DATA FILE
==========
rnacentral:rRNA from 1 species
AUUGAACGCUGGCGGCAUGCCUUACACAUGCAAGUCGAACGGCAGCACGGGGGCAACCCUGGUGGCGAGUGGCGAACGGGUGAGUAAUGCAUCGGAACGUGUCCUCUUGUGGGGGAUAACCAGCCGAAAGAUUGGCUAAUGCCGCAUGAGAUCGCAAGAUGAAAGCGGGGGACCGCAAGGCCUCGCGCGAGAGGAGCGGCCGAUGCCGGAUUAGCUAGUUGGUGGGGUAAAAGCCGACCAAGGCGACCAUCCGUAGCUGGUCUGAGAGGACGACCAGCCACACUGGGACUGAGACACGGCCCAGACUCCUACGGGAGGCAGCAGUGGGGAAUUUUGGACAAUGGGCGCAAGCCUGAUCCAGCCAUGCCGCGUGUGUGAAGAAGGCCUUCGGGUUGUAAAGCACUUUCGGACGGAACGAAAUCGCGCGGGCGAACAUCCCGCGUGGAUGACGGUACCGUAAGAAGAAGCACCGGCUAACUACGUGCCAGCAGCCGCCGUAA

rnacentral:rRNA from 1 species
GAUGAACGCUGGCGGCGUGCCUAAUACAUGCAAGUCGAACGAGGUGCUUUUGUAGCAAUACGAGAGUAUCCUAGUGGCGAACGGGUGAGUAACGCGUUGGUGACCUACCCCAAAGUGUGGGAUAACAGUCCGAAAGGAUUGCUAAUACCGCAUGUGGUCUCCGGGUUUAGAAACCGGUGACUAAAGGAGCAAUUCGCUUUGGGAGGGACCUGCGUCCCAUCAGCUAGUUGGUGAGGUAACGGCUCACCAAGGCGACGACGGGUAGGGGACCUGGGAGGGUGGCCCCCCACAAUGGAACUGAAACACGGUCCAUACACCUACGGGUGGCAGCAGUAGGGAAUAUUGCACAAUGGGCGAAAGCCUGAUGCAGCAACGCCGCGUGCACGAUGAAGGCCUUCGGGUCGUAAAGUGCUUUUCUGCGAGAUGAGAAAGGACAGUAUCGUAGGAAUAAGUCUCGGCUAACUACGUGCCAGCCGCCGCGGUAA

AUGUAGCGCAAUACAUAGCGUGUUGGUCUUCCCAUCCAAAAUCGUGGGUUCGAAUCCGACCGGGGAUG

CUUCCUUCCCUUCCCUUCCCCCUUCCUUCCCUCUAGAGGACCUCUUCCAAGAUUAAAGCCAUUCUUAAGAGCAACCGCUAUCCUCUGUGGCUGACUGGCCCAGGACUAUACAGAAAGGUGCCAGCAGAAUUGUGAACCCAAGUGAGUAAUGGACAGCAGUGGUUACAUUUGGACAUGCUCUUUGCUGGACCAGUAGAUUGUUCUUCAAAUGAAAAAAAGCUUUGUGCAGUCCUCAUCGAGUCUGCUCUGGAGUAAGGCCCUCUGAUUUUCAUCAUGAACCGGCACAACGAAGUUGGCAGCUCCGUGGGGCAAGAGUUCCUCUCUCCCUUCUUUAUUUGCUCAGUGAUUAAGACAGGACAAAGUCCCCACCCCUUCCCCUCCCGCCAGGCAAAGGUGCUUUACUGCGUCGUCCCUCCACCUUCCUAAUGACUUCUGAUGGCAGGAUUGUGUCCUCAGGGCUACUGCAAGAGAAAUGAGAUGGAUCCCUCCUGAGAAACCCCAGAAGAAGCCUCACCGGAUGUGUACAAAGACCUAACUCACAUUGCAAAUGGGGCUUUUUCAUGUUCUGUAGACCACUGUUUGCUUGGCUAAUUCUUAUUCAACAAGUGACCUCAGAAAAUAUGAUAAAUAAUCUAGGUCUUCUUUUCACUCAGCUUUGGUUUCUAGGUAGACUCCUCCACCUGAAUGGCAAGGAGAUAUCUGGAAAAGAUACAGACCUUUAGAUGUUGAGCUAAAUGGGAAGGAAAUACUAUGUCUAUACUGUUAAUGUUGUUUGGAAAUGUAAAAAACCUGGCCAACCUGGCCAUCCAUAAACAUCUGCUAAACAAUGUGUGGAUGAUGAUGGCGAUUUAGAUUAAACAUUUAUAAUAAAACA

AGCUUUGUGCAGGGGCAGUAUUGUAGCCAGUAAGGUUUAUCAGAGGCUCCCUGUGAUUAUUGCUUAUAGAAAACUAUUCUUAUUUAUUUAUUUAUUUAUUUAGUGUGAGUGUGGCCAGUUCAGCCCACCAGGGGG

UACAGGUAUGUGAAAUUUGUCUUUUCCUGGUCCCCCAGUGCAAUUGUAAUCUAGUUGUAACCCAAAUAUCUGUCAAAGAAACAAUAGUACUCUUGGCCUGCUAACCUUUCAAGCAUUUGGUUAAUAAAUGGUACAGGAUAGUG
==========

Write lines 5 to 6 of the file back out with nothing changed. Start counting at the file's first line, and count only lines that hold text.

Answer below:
AUGUAGCGCAAUACAUAGCGUGUUGGUCUUCCCAUCCAAAAUCGUGGGUUCGAAUCCGACCGGGGAUG

CUUCCUUCCCUUCCCUUCCCCCUUCCUUCCCUCUAGAGGACCUCUUCCAAGAUUAAAGCCAUUCUUAAGAGCAACCGCUAUCCUCUGUGGCUGACUGGCCCAGGACUAUACAGAAAGGUGCCAGCAGAAUUGUGAACCCAAGUGAGUAAUGGACAGCAGUGGUUACAUUUGGACAUGCUCUUUGCUGGACCAGUAGAUUGUUCUUCAAAUGAAAAAAAGCUUUGUGCAGUCCUCAUCGAGUCUGCUCUGGAGUAAGGCCCUCUGAUUUUCAUCAUGAACCGGCACAACGAAGUUGGCAGCUCCGUGGGGCAAGAGUUCCUCUCUCCCUUCUUUAUUUGCUCAGUGAUUAAGACAGGACAAAGUCCCCACCCCUUCCCCUCCCGCCAGGCAAAGGUGCUUUACUGCGUCGUCCCUCCACCUUCCUAAUGACUUCUGAUGGCAGGAUUGUGUCCUCAGGGCUACUGCAAGAGAAAUGAGAUGGAUCCCUCCUGAGAAACCCCAGAAGAAGCCUCACCGGAUGUGUACAAAGACCUAACUCACAUUGCAAAUGGGGCUUUUUCAUGUUCUGUAGACCACUGUUUGCUUGGCUAAUUCUUAUUCAACAAGUGACCUCAGAAAAUAUGAUAAAUAAUCUAGGUCUUCUUUUCACUCAGCUUUGGUUUCUAGGUAGACUCCUCCACCUGAAUGGCAAGGAGAUAUCUGGAAAAGAUACAGACCUUUAGAUGUUGAGCUAAAUGGGAAGGAAAUACUAUGUCUAUACUGUUAAUGUUGUUUGGAAAUGUAAAAAACCUGGCCAACCUGGCCAUCCAUAAACAUCUGCUAAACAAUGUGUGGAUGAUGAUGGCGAUUUAGAUUAAACAUUUAUAAUAAAACA